The HTC Touch Diamond 2 is a good-looking Windows Mobile 6.1 Professional handset that's now available with the updated Windows Mobile 6.5 Professional OS.
The HTC Touch Diamond 2's 3.2in screen is narrower but just as tall as the iPhone's and has a resolution of 480x800-pixels. The background (if you buy it contract-free) is a muted grey-brown, allowing the white icons on the touch-sensitive display to stand out. Four hardware buttons: Call, Windows/Home, Back and End call sit below this.
Should you accidentally wade too deep into the HTC Touch Diamond 2's Windows menus, press the Windows/Home button to escape.
You'll then see a thumbnail list of items you can select. You can add more to the scrollable list, giving more prominence to apps you use frequently and deleting those you don't. The HTC Touch Diamond 2's home screen displays an old-style flip-over clock and yet to be acknowledged calls, text messages or emails. At the bottom is a People (contacts) list, web browser, calendar and a stock ticker (an optional subscription widget). Further scrolling takes you to the media player, photos, weather and settings.
The HTC Touch Diamond 2's camera is a 5Mp version that pre-focuses before taking a snap. It's no cop in low light but reasonable in good light. As with an iPhone you trigger the photo by pressing an onscreen icon. Not user friendly. However, you can then MMS or email them to a contact or view them in the album browser.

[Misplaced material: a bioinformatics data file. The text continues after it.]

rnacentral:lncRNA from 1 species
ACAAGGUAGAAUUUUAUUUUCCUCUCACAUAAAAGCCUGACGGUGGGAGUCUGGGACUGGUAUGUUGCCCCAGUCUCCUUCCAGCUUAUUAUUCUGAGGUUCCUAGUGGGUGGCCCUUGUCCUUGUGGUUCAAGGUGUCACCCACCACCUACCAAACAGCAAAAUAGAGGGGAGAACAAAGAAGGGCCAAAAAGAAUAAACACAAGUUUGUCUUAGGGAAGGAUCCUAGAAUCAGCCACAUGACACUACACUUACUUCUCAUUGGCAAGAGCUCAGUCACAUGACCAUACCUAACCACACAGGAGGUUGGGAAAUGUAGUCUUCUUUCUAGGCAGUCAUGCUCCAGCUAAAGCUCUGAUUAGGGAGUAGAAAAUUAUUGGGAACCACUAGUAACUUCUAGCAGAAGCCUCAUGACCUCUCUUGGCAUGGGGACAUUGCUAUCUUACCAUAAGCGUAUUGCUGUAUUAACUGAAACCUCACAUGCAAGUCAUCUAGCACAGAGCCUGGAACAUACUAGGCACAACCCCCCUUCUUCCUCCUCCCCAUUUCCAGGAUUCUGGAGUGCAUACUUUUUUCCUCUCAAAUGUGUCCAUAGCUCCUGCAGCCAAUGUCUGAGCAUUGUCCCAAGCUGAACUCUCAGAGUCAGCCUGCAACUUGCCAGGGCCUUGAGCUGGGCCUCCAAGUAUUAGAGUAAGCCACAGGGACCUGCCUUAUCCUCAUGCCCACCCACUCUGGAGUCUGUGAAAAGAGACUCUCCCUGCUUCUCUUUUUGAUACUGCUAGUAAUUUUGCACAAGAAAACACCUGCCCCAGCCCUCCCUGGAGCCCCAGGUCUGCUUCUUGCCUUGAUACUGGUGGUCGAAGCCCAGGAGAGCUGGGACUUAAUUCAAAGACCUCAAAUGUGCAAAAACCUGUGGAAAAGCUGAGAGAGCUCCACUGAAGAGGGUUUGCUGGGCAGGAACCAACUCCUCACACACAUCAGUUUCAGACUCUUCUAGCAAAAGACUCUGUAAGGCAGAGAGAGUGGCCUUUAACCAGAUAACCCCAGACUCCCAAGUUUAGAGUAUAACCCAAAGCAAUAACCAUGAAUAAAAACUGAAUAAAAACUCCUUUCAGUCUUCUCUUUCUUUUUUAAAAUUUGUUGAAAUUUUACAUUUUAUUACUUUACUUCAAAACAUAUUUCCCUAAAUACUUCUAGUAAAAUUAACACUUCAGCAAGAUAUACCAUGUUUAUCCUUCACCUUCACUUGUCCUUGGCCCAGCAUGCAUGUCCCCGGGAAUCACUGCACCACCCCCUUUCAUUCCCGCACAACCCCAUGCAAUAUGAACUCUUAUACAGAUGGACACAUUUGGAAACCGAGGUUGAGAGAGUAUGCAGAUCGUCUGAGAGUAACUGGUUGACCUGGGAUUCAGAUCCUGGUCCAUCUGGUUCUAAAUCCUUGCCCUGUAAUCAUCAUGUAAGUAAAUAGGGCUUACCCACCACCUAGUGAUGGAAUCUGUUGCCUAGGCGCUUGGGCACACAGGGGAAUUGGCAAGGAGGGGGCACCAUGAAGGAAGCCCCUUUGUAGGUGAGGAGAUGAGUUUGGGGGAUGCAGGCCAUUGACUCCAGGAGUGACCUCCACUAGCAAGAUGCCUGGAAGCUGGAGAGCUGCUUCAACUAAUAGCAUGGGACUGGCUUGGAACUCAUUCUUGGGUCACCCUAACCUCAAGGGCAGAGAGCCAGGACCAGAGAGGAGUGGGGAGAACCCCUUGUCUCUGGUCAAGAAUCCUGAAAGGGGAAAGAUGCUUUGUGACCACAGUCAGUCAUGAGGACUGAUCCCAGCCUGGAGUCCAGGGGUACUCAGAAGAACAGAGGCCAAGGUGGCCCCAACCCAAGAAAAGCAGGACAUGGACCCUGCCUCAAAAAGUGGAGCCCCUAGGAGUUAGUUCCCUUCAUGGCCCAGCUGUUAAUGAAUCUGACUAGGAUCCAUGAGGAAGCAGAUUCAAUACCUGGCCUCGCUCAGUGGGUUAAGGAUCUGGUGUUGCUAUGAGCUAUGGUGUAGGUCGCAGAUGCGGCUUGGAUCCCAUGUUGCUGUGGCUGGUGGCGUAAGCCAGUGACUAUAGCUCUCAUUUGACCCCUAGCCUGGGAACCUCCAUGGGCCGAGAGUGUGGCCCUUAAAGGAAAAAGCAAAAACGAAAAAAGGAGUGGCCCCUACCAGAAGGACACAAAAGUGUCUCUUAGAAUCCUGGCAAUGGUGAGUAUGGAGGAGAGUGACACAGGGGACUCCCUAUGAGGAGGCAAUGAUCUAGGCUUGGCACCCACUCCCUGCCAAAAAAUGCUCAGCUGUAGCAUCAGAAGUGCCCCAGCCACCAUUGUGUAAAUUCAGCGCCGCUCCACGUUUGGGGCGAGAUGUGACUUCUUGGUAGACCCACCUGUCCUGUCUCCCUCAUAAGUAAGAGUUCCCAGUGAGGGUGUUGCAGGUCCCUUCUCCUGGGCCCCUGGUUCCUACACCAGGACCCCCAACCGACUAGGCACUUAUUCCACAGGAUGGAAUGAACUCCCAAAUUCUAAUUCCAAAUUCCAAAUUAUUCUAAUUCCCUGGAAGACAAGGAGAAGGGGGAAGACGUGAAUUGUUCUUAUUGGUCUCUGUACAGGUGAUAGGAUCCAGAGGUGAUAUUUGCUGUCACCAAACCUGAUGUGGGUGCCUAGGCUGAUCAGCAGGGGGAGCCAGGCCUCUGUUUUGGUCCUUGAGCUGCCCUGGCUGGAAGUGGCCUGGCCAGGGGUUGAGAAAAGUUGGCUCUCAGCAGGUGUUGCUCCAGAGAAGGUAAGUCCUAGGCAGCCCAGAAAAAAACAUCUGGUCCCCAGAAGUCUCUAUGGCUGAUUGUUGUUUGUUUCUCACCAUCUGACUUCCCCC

Contact management is good. View messages in your inbox and associated ones appear as linked emails in a sort of 3D stack. A firm press on the screen allows you to flick through these while a lingering one brings up the original message for you to read in full and reply to if required. The onscreen keyboard requires a very definite push for each character to be recognised, but you do at least have basic punctuation as well as the letters and alt numbers on the main screen. The BlackBerry Bold and the Samsung H1 both require you switch to a separate screen to enter commas and full stops.
Although offering haptic (feedback), the HTC Touch Diamond 2's screen isn't as sensitive as some and we found ourselves swiping across it and either not selecting a thing or initiating the wrong thing. This was an issue we had too with the Toshiba TG01. Both are well-specified handsets - the HTC has a 528MHz Qualcomm processor and 512MB ROM - but the capacitive touchscreen isn't up to snuff.
More useful are the 3.5G connectivity, the Wi-Fi and the Bluetooth. The browser is no match for the best zoomable offerings of the latest smartphones, but if there are pages you return to time and again you can easily add them as Push pages that appear immediately below the URL entry field. YouTube can preloaded as one such option as on our review handset.
As its core the HTC Touch Diamond 2 is a very good phone, but it also has plenty of shortcomings - that cluttered, disorderly interface and the poor touchscreen among them.
HTC has done extremely well with the Windows Mobile line-up by overlaying a non Office-like interface over a competent but unexciting business handset that in itself grew out of the PDA (personal digital assistant).
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